Areca Palm - Plant
The areca palm (Chrysalidocarpus lutescens or Dypsis lutescens), also called the yellow butterfly palm and golden cane palm, is one of the easiest palm trees to grow indoors. It s relatively disease-free and topped a NASA study of the 10 best air purifying plants. This palm tree tree, with its long, graceful feather-shaped fronds, will add a tropical feel to your home and is especially well suited for screened patios and atriums.
Common name: areca palm
Height: 6 to 7 feet
Difficulty level: Easy
Planting & Care
A full-grown areca palm house plant is quite expensive, so they are usually purchased as small, tabletop plants. They add 6 to 10 inches of growth per year until they reach a mature height of 6 or 7 feet. Areca palm is one of the few palms that can tolerate trimming without serious harm, making it possible to keep mature plants indoors for their full lifespan of up to 10 years.
Sunlight: Palm s prefer partial shade (or partial with some sunlight), as they are more than happy in low-light conditions.
Soil: Chalky, Loamy, Sandy soil : moist but well-drained.
Water: Water the plant until the soil is evenly moist. Do not over water the palm plant or leave it sitting in water. Check often to be sure that the plant is draining properly.
Temprature: They can handle a winter rest in cooler conditions, not less than 50 F. (10 C.). They do tolerate central heating.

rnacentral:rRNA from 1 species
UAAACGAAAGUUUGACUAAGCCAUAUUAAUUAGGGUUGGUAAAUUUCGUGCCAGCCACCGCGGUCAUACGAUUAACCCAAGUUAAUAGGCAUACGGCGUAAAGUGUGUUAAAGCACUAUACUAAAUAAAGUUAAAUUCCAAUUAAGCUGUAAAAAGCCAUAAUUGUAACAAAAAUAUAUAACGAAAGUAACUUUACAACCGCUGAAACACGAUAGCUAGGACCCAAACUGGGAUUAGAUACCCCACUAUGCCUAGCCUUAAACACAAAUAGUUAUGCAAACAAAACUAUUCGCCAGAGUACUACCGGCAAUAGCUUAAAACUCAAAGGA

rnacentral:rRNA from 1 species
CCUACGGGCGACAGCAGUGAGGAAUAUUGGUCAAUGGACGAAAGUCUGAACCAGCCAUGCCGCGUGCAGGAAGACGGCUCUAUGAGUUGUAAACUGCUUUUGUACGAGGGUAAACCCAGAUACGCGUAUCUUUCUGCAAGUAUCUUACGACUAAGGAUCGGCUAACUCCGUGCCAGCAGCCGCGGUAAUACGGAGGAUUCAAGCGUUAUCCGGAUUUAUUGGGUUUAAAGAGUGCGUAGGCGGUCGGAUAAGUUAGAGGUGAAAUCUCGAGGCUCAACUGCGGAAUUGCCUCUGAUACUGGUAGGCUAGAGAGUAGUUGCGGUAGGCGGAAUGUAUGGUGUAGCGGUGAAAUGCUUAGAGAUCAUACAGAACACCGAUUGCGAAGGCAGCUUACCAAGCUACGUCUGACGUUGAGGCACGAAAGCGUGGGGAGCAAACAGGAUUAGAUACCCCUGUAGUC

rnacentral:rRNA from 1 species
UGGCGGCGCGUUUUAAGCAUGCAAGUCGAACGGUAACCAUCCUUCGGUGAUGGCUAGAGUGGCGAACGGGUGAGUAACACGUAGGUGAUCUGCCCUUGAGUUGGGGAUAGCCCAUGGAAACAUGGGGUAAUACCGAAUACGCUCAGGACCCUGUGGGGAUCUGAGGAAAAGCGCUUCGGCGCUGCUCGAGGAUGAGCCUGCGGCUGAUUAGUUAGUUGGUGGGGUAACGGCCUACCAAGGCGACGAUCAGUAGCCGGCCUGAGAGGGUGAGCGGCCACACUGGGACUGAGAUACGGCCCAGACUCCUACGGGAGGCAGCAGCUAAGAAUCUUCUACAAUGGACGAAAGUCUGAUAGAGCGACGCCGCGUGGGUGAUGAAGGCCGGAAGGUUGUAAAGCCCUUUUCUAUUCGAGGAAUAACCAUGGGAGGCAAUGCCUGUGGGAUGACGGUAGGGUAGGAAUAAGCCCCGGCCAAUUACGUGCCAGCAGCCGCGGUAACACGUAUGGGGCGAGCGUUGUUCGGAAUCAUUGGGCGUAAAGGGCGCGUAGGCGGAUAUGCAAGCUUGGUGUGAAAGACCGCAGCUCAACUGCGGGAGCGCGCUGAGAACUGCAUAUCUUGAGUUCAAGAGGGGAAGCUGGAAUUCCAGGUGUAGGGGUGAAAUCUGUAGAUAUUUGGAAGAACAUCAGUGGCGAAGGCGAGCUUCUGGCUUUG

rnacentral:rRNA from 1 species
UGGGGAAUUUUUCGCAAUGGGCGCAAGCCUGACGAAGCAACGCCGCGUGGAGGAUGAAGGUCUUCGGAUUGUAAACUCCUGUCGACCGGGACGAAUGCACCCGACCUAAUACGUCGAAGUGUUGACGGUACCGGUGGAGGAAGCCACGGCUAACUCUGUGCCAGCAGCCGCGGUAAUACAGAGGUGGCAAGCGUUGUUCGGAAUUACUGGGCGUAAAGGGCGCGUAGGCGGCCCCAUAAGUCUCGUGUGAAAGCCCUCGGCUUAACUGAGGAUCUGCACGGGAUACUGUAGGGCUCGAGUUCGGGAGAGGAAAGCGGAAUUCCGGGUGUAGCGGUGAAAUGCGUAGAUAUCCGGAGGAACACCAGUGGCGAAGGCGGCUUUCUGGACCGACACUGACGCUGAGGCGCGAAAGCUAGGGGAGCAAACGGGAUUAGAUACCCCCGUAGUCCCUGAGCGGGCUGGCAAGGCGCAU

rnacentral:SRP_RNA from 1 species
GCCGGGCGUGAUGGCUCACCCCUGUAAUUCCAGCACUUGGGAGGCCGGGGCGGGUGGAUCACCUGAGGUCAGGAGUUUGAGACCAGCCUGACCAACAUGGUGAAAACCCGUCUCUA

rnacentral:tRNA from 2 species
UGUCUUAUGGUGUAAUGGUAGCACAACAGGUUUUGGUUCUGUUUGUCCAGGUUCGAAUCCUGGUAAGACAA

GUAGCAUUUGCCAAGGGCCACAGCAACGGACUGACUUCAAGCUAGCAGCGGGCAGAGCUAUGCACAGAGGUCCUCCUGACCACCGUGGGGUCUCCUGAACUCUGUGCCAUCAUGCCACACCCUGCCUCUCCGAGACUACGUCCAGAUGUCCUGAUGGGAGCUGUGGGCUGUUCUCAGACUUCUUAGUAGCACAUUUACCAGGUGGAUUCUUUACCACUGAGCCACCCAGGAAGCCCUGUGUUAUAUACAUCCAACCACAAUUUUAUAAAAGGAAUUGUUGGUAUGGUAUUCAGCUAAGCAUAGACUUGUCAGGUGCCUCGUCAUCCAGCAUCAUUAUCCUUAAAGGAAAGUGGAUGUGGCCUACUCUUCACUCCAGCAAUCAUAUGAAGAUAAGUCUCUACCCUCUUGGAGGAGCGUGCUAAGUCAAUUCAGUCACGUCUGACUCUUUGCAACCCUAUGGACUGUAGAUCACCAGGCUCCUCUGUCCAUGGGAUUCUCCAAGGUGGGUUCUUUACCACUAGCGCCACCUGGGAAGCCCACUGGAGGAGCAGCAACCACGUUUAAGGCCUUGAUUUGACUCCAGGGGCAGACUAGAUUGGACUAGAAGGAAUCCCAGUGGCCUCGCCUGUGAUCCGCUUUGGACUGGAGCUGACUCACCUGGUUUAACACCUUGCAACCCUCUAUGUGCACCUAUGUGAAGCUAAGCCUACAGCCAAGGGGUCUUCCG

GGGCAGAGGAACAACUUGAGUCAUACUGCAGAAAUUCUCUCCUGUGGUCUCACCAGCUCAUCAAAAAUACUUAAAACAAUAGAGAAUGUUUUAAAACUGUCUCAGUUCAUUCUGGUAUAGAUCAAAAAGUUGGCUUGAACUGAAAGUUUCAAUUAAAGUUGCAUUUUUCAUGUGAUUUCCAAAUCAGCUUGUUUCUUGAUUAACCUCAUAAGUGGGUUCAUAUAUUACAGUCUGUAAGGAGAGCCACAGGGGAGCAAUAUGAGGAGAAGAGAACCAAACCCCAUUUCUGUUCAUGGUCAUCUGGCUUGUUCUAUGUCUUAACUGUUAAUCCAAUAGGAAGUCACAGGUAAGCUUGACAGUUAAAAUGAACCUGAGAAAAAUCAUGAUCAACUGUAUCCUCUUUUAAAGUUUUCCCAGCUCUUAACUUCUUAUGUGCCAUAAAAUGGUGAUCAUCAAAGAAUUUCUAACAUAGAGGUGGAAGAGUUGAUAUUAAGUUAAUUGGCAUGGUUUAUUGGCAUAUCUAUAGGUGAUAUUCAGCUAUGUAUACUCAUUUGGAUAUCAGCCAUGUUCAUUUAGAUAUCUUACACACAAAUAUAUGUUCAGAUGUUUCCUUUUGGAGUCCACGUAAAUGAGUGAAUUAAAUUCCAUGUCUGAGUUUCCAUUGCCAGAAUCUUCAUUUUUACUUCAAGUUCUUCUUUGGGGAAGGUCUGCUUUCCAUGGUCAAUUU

Fertilizer: Feed your palm regularly during the growing season. If possible, use a palm fertilizer, which will contain all the micro nutrients and extra potassium and manganese. Potassium deficiency is especially common in palms—it shows up in yellowing or brownish fronds.
- Palms grow best when you let their roots fill the pot.
- They need soil-based potting compost and should not be repotted unnecessarily.
- They are sensitive to chemicals and will be damaged if you expose them to aerosol sprays.
- If you need to treat them with insecticides, be sure what you use is suitable for a palm.
Palms tend to lend themselves to creating shadows and reflections. You can stand a palm in an alcove that is lined with a mirror and create stunning effects. If you put one on each side of a fireplace, it’s even doubly stunning. The shadows cast by the palm’s fronds can pattern a plain wall. Spotlights can create good strong light for bold shadows.
These are quite dramatic. Don’t position spotlights too closely because this generates too much heat for the palm to withstand. Finally, lighting the plant from below can cast shadows onto opposite walls and even the ceiling.